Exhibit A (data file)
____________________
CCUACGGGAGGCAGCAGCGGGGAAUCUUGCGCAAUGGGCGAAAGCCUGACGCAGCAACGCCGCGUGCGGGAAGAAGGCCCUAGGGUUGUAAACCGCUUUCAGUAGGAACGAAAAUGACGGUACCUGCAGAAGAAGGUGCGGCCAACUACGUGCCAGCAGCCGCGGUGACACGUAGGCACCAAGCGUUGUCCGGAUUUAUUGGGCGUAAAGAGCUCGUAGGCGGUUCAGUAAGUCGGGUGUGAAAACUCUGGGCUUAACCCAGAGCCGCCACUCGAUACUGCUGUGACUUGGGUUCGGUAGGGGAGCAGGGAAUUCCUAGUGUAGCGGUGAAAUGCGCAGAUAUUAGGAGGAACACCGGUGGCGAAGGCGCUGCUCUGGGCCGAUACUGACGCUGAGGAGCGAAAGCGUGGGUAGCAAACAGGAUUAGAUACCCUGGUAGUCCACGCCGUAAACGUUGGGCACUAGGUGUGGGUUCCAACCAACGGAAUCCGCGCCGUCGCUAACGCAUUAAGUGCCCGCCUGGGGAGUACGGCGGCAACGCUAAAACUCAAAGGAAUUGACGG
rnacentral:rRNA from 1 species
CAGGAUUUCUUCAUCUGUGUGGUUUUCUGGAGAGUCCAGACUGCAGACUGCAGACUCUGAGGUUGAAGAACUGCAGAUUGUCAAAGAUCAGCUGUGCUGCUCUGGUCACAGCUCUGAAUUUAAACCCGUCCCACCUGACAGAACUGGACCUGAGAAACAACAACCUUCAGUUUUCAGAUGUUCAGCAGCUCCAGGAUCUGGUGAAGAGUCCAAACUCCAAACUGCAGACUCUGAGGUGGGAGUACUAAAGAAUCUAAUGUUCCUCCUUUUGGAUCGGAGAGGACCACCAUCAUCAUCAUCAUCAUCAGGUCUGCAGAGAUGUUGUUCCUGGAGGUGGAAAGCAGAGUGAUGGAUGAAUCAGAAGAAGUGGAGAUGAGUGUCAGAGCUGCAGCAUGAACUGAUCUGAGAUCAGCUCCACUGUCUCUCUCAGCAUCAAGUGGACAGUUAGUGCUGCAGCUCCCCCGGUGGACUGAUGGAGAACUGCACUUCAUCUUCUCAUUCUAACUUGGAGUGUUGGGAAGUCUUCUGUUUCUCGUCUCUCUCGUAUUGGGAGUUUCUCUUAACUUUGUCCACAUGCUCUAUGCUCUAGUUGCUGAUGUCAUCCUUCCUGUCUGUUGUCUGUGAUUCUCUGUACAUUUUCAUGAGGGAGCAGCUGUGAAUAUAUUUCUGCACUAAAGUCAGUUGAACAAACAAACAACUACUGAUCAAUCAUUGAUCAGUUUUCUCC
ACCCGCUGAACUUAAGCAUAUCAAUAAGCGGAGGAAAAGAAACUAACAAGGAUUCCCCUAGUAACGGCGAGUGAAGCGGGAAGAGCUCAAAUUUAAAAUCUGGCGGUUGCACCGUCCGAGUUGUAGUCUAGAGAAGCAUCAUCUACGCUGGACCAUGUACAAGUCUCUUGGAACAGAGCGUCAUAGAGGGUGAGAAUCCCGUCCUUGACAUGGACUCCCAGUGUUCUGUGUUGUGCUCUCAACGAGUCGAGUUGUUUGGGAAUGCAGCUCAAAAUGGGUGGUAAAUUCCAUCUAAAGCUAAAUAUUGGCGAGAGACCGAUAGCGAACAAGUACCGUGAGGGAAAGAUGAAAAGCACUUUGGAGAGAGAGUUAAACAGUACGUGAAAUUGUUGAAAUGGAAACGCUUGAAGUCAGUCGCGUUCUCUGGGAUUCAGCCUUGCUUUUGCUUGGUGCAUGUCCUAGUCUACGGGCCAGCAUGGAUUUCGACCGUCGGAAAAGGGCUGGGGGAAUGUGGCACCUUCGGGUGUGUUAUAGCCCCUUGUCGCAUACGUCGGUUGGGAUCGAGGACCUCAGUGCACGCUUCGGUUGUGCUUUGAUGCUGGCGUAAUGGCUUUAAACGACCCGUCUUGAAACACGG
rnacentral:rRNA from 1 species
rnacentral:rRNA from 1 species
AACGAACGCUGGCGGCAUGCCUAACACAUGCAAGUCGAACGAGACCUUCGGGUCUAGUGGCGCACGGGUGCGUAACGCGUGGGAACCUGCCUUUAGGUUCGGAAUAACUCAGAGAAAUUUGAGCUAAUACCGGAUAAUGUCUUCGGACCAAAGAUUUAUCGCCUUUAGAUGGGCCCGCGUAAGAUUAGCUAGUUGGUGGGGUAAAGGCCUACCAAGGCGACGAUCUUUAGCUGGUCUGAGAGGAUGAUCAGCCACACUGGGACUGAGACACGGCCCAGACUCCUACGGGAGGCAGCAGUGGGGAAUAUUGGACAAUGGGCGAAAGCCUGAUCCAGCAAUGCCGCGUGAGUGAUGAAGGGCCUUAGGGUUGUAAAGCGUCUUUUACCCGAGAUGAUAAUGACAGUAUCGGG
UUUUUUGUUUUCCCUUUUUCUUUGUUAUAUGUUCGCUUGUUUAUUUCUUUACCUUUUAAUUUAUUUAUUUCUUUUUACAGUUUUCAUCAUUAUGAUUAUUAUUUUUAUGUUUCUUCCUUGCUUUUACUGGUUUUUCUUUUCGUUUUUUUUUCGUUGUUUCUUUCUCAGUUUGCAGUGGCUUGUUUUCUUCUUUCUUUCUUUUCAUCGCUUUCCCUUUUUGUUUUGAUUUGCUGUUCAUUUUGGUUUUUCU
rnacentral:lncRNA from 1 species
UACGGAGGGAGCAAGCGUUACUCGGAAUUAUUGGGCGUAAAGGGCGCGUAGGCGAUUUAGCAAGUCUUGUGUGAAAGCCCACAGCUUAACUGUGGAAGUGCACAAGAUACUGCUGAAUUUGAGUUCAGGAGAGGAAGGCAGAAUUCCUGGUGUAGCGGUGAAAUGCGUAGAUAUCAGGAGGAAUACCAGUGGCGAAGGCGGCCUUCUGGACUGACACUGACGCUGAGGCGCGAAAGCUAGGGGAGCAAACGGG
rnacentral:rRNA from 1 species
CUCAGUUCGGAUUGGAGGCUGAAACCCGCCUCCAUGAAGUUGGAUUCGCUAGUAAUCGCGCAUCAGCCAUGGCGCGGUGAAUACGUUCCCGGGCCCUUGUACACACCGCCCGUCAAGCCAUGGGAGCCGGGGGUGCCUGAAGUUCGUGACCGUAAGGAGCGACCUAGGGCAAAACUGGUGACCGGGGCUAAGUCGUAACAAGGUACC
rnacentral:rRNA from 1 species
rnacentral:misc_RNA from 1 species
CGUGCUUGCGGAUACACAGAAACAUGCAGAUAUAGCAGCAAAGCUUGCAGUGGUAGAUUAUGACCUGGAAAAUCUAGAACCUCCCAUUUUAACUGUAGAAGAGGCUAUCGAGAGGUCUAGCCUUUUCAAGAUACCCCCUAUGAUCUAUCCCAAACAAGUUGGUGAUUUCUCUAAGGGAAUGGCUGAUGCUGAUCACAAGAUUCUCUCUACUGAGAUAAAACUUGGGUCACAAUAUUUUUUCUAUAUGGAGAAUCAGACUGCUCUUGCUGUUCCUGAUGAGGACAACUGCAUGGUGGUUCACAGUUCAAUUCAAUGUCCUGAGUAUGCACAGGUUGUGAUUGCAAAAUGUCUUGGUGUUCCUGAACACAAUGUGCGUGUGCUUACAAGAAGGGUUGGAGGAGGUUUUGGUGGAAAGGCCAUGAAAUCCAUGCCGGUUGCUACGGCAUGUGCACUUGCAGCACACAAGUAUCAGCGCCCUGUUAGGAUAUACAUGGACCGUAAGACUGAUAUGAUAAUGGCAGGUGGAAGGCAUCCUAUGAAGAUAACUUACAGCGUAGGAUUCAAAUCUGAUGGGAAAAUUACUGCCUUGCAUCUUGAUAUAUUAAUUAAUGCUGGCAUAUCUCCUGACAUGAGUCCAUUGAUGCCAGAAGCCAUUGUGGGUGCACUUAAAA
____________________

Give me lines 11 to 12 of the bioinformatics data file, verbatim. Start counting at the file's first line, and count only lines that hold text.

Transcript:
rnacentral:rRNA from 1 species
CUCAGUUCGGAUUGGAGGCUGAAACCCGCCUCCAUGAAGUUGGAUUCGCUAGUAAUCGCGCAUCAGCCAUGGCGCGGUGAAUACGUUCCCGGGCCCUUGUACACACCGCCCGUCAAGCCAUGGGAGCCGGGGGUGCCUGAAGUUCGUGACCGUAAGGAGCGACCUAGGGCAAAACUGGUGACCGGGGCUAAGUCGUAACAAGGUACC